Achievements, Messages Make Honorees Worthy of MSU’s Top Award
In a way, the individuals who a university chooses to honor say something about the institution itself.
Candidates for MSU’s honorary degrees must have contributed to Montana’s community, gained substantial recognition for their work and reflect well on the university. They should also offer an important message to MSU’s graduating seniors.
Students and community members can be proud of this year’s bestowal of honorary doctorate degrees to two distinguished women at this spring’s upcoming commencement. Diana Eck and Helene Michael are remarkable individuals most deserving of MSU’s highest honor.
Eck is a foremost scholar of religion based at Harvard University known for her leadership on the Pluralism Project, an initiative which began in 1991 to conduct research and raise awareness about religious diversity in the United States. She is the author of several books on religion.
She is also a Bozeman native, having written about growing up in the Gallatin Valley in her book “Encountering God: A Spiritual Journey from Bozeman to Banaras.” Eck has won the National Humanities Award as well as the Montana Governor’s Humanities Award in 2003.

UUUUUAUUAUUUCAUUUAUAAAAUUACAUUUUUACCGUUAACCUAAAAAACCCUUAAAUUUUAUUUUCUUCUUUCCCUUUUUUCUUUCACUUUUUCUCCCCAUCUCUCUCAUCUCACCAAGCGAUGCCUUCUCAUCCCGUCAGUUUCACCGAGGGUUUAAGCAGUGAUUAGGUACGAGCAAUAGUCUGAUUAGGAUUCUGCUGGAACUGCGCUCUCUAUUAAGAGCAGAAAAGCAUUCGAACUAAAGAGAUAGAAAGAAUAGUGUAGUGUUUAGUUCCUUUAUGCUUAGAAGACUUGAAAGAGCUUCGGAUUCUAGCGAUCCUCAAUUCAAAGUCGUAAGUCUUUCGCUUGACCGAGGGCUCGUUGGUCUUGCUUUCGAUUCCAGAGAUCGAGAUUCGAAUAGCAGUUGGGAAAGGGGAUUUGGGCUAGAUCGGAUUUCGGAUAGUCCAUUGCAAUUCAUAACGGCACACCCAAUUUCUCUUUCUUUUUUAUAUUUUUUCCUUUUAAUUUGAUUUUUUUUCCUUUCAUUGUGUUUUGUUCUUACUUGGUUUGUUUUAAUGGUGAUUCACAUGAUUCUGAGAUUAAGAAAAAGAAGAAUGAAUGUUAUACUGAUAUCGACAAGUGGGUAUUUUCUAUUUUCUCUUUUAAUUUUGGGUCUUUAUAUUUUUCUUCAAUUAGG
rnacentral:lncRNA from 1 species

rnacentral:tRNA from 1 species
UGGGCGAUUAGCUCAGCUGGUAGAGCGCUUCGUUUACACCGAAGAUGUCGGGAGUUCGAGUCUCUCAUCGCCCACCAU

Michael, originally from Sweden, is a retired vice president at Boeing Co. and MSU alumnus. She graduated in 1985 with a degree in mechanical engineering technology, and worked at the company until 2011. Michael began at Boeing as a manufacturing engineer, eventually earning the position of vice president, overseeing 737 aircraft manufacturing operations.
Both honorees have roots in Montana and connections to MSU. Michael, in particular, continues to work with the university, serving on the Engineering Advisory Council and participating in several programs that support women in engineering. Eck’s mother was a longtime state representative, and her father taught at MSU as an architecture professor.
Their respective accomplishments provide exceptional examples for MSU’s graduates with a variety of professional or intellectual aspirations. Not only have the honorees led successful careers, but they each demonstrate commitment to important social causes — Eck through her work to foster religious tolerance and Michael through her advocacy for women in science.
These contributions and achievements make Eck and Michael worthy of MSU’s honorary degrees. It is exciting that the university is able to confer this year’s award to two individuals who carry strong messages and deep roots, not just deep pockets. They are two of Montana’s best.